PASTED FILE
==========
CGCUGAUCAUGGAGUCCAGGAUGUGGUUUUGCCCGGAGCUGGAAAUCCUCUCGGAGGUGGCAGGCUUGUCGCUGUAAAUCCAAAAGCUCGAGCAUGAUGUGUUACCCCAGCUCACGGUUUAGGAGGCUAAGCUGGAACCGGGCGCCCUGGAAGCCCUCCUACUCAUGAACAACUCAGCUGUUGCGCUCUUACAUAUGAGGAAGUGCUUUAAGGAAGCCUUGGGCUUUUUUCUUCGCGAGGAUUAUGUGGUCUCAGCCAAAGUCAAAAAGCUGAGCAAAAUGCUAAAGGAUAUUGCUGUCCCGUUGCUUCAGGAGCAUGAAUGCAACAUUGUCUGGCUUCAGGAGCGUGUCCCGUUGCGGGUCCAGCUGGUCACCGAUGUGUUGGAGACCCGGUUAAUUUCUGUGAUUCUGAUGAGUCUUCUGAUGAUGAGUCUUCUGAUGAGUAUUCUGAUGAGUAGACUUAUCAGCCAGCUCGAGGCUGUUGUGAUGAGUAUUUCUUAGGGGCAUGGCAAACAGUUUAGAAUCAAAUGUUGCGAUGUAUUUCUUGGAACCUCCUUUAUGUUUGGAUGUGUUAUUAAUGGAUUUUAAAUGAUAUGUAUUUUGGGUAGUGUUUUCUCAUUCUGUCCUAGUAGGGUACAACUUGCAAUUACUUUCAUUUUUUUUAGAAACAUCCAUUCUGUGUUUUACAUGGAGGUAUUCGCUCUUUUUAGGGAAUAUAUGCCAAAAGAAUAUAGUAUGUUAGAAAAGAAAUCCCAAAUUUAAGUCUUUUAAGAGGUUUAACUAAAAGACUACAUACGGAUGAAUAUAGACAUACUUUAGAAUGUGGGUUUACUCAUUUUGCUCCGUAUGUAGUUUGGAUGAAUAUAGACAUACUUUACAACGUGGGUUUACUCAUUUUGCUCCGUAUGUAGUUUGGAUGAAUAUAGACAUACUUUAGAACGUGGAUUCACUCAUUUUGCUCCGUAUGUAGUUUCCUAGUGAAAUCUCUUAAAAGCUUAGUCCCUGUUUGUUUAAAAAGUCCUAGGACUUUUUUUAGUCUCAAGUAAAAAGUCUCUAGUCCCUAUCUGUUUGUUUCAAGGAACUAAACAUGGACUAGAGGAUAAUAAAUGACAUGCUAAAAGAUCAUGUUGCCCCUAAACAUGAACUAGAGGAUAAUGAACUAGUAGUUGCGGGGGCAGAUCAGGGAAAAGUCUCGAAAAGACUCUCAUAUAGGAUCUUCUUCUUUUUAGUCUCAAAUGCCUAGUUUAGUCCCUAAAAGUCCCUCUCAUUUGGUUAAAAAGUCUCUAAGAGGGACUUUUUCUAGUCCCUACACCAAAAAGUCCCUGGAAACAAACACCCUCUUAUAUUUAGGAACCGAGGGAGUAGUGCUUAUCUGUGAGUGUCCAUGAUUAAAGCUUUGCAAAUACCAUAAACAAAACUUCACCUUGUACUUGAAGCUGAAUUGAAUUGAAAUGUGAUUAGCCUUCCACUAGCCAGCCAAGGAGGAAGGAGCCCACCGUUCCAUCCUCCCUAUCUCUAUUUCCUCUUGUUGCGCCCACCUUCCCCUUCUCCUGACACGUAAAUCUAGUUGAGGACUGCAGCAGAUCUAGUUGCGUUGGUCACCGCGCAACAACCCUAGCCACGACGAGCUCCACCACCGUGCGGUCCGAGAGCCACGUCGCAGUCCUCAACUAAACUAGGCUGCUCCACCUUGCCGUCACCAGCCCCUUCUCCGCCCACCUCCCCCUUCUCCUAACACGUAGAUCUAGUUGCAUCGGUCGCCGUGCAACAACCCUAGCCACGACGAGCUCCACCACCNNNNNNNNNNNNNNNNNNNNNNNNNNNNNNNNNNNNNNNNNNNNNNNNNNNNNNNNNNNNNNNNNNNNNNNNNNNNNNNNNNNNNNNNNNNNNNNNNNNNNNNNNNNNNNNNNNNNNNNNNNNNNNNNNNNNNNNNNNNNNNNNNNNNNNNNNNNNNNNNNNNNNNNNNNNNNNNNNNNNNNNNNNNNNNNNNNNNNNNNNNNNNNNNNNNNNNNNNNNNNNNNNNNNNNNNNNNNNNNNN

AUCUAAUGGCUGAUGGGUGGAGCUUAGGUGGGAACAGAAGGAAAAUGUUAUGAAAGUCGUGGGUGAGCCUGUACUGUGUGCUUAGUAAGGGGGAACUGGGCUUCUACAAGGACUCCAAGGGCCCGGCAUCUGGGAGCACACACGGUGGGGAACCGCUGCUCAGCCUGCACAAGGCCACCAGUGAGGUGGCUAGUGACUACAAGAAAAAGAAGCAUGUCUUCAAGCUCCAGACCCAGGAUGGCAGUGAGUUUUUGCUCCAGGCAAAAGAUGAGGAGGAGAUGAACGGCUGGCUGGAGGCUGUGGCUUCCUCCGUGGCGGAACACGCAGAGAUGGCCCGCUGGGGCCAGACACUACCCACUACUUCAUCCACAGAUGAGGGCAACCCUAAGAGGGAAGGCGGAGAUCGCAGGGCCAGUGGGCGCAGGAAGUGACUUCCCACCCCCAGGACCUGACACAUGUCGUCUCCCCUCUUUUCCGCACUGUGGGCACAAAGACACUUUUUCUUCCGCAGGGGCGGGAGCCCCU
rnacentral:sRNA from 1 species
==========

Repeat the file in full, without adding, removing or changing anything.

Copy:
CGCUGAUCAUGGAGUCCAGGAUGUGGUUUUGCCCGGAGCUGGAAAUCCUCUCGGAGGUGGCAGGCUUGUCGCUGUAAAUCCAAAAGCUCGAGCAUGAUGUGUUACCCCAGCUCACGGUUUAGGAGGCUAAGCUGGAACCGGGCGCCCUGGAAGCCCUCCUACUCAUGAACAACUCAGCUGUUGCGCUCUUACAUAUGAGGAAGUGCUUUAAGGAAGCCUUGGGCUUUUUUCUUCGCGAGGAUUAUGUGGUCUCAGCCAAAGUCAAAAAGCUGAGCAAAAUGCUAAAGGAUAUUGCUGUCCCGUUGCUUCAGGAGCAUGAAUGCAACAUUGUCUGGCUUCAGGAGCGUGUCCCGUUGCGGGUCCAGCUGGUCACCGAUGUGUUGGAGACCCGGUUAAUUUCUGUGAUUCUGAUGAGUCUUCUGAUGAUGAGUCUUCUGAUGAGUAUUCUGAUGAGUAGACUUAUCAGCCAGCUCGAGGCUGUUGUGAUGAGUAUUUCUUAGGGGCAUGGCAAACAGUUUAGAAUCAAAUGUUGCGAUGUAUUUCUUGGAACCUCCUUUAUGUUUGGAUGUGUUAUUAAUGGAUUUUAAAUGAUAUGUAUUUUGGGUAGUGUUUUCUCAUUCUGUCCUAGUAGGGUACAACUUGCAAUUACUUUCAUUUUUUUUAGAAACAUCCAUUCUGUGUUUUACAUGGAGGUAUUCGCUCUUUUUAGGGAAUAUAUGCCAAAAGAAUAUAGUAUGUUAGAAAAGAAAUCCCAAAUUUAAGUCUUUUAAGAGGUUUAACUAAAAGACUACAUACGGAUGAAUAUAGACAUACUUUAGAAUGUGGGUUUACUCAUUUUGCUCCGUAUGUAGUUUGGAUGAAUAUAGACAUACUUUACAACGUGGGUUUACUCAUUUUGCUCCGUAUGUAGUUUGGAUGAAUAUAGACAUACUUUAGAACGUGGAUUCACUCAUUUUGCUCCGUAUGUAGUUUCCUAGUGAAAUCUCUUAAAAGCUUAGUCCCUGUUUGUUUAAAAAGUCCUAGGACUUUUUUUAGUCUCAAGUAAAAAGUCUCUAGUCCCUAUCUGUUUGUUUCAAGGAACUAAACAUGGACUAGAGGAUAAUAAAUGACAUGCUAAAAGAUCAUGUUGCCCCUAAACAUGAACUAGAGGAUAAUGAACUAGUAGUUGCGGGGGCAGAUCAGGGAAAAGUCUCGAAAAGACUCUCAUAUAGGAUCUUCUUCUUUUUAGUCUCAAAUGCCUAGUUUAGUCCCUAAAAGUCCCUCUCAUUUGGUUAAAAAGUCUCUAAGAGGGACUUUUUCUAGUCCCUACACCAAAAAGUCCCUGGAAACAAACACCCUCUUAUAUUUAGGAACCGAGGGAGUAGUGCUUAUCUGUGAGUGUCCAUGAUUAAAGCUUUGCAAAUACCAUAAACAAAACUUCACCUUGUACUUGAAGCUGAAUUGAAUUGAAAUGUGAUUAGCCUUCCACUAGCCAGCCAAGGAGGAAGGAGCCCACCGUUCCAUCCUCCCUAUCUCUAUUUCCUCUUGUUGCGCCCACCUUCCCCUUCUCCUGACACGUAAAUCUAGUUGAGGACUGCAGCAGAUCUAGUUGCGUUGGUCACCGCGCAACAACCCUAGCCACGACGAGCUCCACCACCGUGCGGUCCGAGAGCCACGUCGCAGUCCUCAACUAAACUAGGCUGCUCCACCUUGCCGUCACCAGCCCCUUCUCCGCCCACCUCCCCCUUCUCCUAACACGUAGAUCUAGUUGCAUCGGUCGCCGUGCAACAACCCUAGCCACGACGAGCUCCACCACCNNNNNNNNNNNNNNNNNNNNNNNNNNNNNNNNNNNNNNNNNNNNNNNNNNNNNNNNNNNNNNNNNNNNNNNNNNNNNNNNNNNNNNNNNNNNNNNNNNNNNNNNNNNNNNNNNNNNNNNNNNNNNNNNNNNNNNNNNNNNNNNNNNNNNNNNNNNNNNNNNNNNNNNNNNNNNNNNNNNNNNNNNNNNNNNNNNNNNNNNNNNNNNNNNNNNNNNNNNNNNNNNNNNNNNNNNNNNNNNNN

AUCUAAUGGCUGAUGGGUGGAGCUUAGGUGGGAACAGAAGGAAAAUGUUAUGAAAGUCGUGGGUGAGCCUGUACUGUGUGCUUAGUAAGGGGGAACUGGGCUUCUACAAGGACUCCAAGGGCCCGGCAUCUGGGAGCACACACGGUGGGGAACCGCUGCUCAGCCUGCACAAGGCCACCAGUGAGGUGGCUAGUGACUACAAGAAAAAGAAGCAUGUCUUCAAGCUCCAGACCCAGGAUGGCAGUGAGUUUUUGCUCCAGGCAAAAGAUGAGGAGGAGAUGAACGGCUGGCUGGAGGCUGUGGCUUCCUCCGUGGCGGAACACGCAGAGAUGGCCCGCUGGGGCCAGACACUACCCACUACUUCAUCCACAGAUGAGGGCAACCCUAAGAGGGAAGGCGGAGAUCGCAGGGCCAGUGGGCGCAGGAAGUGACUUCCCACCCCCAGGACCUGACACAUGUCGUCUCCCCUCUUUUCCGCACUGUGGGCACAAAGACACUUUUUCUUCCGCAGGGGCGGGAGCCCCU
rnacentral:sRNA from 1 species